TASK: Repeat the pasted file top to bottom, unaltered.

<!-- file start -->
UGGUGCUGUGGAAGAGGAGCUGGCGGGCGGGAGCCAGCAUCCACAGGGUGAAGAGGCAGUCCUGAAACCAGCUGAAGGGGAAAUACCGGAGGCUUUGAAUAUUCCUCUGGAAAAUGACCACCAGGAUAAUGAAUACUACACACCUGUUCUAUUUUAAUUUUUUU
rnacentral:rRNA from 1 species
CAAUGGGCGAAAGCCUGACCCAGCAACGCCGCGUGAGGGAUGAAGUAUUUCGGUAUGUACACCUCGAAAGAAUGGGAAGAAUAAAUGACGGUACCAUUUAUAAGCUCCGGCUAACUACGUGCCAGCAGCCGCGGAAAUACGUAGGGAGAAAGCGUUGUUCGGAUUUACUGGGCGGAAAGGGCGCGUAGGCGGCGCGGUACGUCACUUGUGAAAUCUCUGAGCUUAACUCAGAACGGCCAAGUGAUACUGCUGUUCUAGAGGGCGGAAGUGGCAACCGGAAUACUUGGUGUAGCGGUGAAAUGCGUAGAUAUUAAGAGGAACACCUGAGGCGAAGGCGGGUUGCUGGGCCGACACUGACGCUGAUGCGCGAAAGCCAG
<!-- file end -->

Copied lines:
UGGUGCUGUGGAAGAGGAGCUGGCGGGCGGGAGCCAGCAUCCACAGGGUGAAGAGGCAGUCCUGAAACCAGCUGAAGGGGAAAUACCGGAGGCUUUGAAUAUUCCUCUGGAAAAUGACCACCAGGAUAAUGAAUACUACACACCUGUUCUAUUUUAAUUUUUUU
rnacentral:rRNA from 1 species
CAAUGGGCGAAAGCCUGACCCAGCAACGCCGCGUGAGGGAUGAAGUAUUUCGGUAUGUACACCUCGAAAGAAUGGGAAGAAUAAAUGACGGUACCAUUUAUAAGCUCCGGCUAACUACGUGCCAGCAGCCGCGGAAAUACGUAGGGAGAAAGCGUUGUUCGGAUUUACUGGGCGGAAAGGGCGCGUAGGCGGCGCGGUACGUCACUUGUGAAAUCUCUGAGCUUAACUCAGAACGGCCAAGUGAUACUGCUGUUCUAGAGGGCGGAAGUGGCAACCGGAAUACUUGGUGUAGCGGUGAAAUGCGUAGAUAUUAAGAGGAACACCUGAGGCGAAGGCGGGUUGCUGGGCCGACACUGACGCUGAUGCGCGAAAGCCAG